REVIEW | Sunset Boulevard | UK Tour

Andrew Lloyd Webber’s adaptation of Billy Wilder’s 1951 film Sunset Boulevard is bursting with the glitz and glamour of Hollywood and the intense drama surrounding faded movie star Norma Desmond’s life.

Set in 1940, screenwriter Joe Gillis is struggling to get his lucky break when one evening he stumbles across the home of Norma Desmond, a huge Hollywood star of silent movies that didn’t make it in the new film industry and became a recluse inside her mansion. Pining over her previous career and dependent on her previous fame and fortune, Norma dreams of making her huge comeback. After spending years writing her screenplay, starring herself of course, she recruits Joe to help her finish it. However, their working relationship spirals out of control as Norma becomes obsessive over Joe and threatens suicide if he leaves her.

High scale drama pushes the narrative along with powerful musical numbers to enhance the melodrama. Ria Jones takes on the role of the extravagant and narcissistic Norma Desmond. Jones gives a remarkable performance as the silent movie star, and her commitment to the role is masterly. Fusing her performance with vigor, she performs the huge Webber songs such as As If We Never Said Goodbye. Commanding the audience with her every word, her stage presence is entirely powerful and worth the epic standing ovation she received.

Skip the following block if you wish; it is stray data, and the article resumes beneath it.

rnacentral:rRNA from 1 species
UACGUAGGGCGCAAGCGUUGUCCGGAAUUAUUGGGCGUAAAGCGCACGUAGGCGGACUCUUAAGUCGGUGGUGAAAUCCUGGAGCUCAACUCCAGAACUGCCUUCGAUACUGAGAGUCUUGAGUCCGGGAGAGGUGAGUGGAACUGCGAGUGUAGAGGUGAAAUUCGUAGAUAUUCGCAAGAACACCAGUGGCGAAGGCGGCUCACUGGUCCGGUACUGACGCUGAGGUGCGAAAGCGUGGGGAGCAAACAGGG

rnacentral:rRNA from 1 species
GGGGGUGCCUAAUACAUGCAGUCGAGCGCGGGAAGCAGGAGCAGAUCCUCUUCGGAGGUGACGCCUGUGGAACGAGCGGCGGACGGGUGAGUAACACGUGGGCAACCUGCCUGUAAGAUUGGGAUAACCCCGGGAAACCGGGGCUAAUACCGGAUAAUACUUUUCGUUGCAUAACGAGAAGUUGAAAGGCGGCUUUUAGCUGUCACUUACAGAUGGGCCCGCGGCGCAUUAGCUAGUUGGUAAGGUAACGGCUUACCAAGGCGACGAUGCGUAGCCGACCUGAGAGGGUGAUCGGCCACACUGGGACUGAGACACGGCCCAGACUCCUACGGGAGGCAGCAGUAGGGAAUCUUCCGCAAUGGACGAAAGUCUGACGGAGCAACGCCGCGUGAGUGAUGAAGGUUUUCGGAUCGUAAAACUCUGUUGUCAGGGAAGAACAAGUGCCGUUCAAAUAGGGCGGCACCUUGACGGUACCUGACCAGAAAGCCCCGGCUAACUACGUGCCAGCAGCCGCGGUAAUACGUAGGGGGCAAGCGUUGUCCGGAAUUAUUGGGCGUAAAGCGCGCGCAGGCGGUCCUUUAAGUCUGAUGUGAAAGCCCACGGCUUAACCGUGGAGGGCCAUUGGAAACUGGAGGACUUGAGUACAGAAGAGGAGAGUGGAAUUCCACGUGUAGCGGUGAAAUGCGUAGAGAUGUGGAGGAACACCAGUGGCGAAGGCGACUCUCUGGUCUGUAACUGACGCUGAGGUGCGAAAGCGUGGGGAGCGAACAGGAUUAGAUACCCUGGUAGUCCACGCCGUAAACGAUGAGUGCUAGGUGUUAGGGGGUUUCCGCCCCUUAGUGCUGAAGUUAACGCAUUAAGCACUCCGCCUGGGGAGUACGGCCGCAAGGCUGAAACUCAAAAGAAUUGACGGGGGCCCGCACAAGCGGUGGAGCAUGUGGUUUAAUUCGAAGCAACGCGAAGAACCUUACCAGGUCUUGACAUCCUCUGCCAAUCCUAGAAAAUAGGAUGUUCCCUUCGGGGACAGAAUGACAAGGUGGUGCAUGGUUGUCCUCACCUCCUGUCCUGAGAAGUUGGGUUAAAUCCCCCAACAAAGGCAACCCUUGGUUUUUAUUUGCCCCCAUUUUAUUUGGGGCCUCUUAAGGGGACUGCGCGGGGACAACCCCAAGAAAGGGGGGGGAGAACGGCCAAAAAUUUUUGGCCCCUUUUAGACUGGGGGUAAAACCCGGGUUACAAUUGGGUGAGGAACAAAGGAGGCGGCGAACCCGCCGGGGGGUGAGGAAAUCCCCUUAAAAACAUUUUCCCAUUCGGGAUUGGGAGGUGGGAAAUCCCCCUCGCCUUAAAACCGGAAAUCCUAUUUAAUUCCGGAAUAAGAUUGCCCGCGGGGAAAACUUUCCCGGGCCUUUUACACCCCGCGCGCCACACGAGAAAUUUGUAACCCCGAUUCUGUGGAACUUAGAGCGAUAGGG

Opposite her in the role of young handsome aspiring screenwriter Joe is Danny Mac, who provides a stellar performance. It’s a gritty role that Mac manages to totally consume, he plays the light and dark sides of the character superbly, showcasing his versatility as an actor. He manages to blow the audience away with his rendition of Sunset Boulevard opening the second act, his vocals are sharp and his characterisation is gripping. The emotion is at an all-time high, and his chemistry with Jones is entirely engaging.

Playing the protective and demanding butler Mac, Adam Pearce is fierce with his devotion to Norma as he shelters her fragile vulnerability. His character development throughout the show is compelling as his aggression towards Joe’s actions grows stronger, and of course, his rich vocals are astounding. Molly Lynch plays Joe’s other love interest Betty Schaefer and she brings a sweet innocence to the show, lifting the dark themes of the musical with her charming persona.

Heightening the extraordinary performances are the production values. Video and Projection Designer Douglas O’Connell brings the era to life through the eery and sinister projections of silent movies, he manages to completely encapsulate the tone of each scene, making the musical feel as if it is quite literally in a film.

Andrew Lloyd Webber’s iconic production of Sunset Boulevard pulls out all the stops to create a modernised piece of striking musical theatre about manic obsession, lust and heightened drama.

★★★★

On at the Palace Theatre in Manchester until the 4th of November before continuing on tour around the UK, tickets can be found here.

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